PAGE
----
More guidance counsellors not nurses, NZAC says

By   /   May 18, 2017  /   Comments Off on More guidance counsellors not nurses, NZAC says

Employing a nurse in every secondary school to address New Zealand’s lamentable youth suicide problem is ignoring and bypassing already existing resources, says the NZ Association of Counsellors (NZAC).

Speaking to Labour’s election year congress recently, Jacinda Arden promised to place a nurse into every public secondary school should Labour form a government in September. Schools will also get the support of a GP.

NZAC life member and retired Canterbury University Professor of Counsellor Education, Bob Manthei, supports Labour’s willingness to address one of the highest rates of youth suicide in the developed world with both funding and specialist personnel.

However, he says the party is tackling the problem of suicide from the wrong direction, and should consult existing school counselling services that are dealing with the issue at the coalface.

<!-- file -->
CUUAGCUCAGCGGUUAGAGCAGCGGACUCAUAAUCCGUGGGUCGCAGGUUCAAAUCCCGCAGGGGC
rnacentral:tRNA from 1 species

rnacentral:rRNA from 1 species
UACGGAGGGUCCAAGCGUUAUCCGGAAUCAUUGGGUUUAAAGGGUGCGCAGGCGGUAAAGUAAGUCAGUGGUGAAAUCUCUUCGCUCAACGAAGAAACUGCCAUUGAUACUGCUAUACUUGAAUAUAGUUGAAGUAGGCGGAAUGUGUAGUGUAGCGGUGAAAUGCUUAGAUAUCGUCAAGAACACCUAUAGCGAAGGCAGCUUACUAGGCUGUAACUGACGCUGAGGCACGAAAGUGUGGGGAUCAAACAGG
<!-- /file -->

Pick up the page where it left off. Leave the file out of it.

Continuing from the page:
“We have known about New Zealand’s atrocious youth suicide statistics for a long time, but the Labour Party’s call for nurses in every public secondary school as a solution is a surprising response.

“If Labour are serious about mental health, then they should be advocating for more school counsellors, a valuable resource that already exists in schools and should be strengthened and extended.

“Nurses are highly qualified in their particular field of expertise but not necessarily mental health issues such as suicide – our youth need the right service for the right problem.

“Many schools have too few counsellors, or use their counsellors in ways that take them out of direct service to students and into administrative or teaching roles. This is a waste of personnel.”

The current ratio of counsellors to students in secondary schools is inadequate and too often one counsellor is regularly responsible for seeing up to 1000 students, Prof Manthei says.

He advocates improving the ratio to 1:400 in order to more effectively deal with teenagers’ complex issues before they become dire.

“We know early intervention in childhood mental health issues is essential. It follows, too, that we should be looking to employ counsellors in primary and intermediate schools.”

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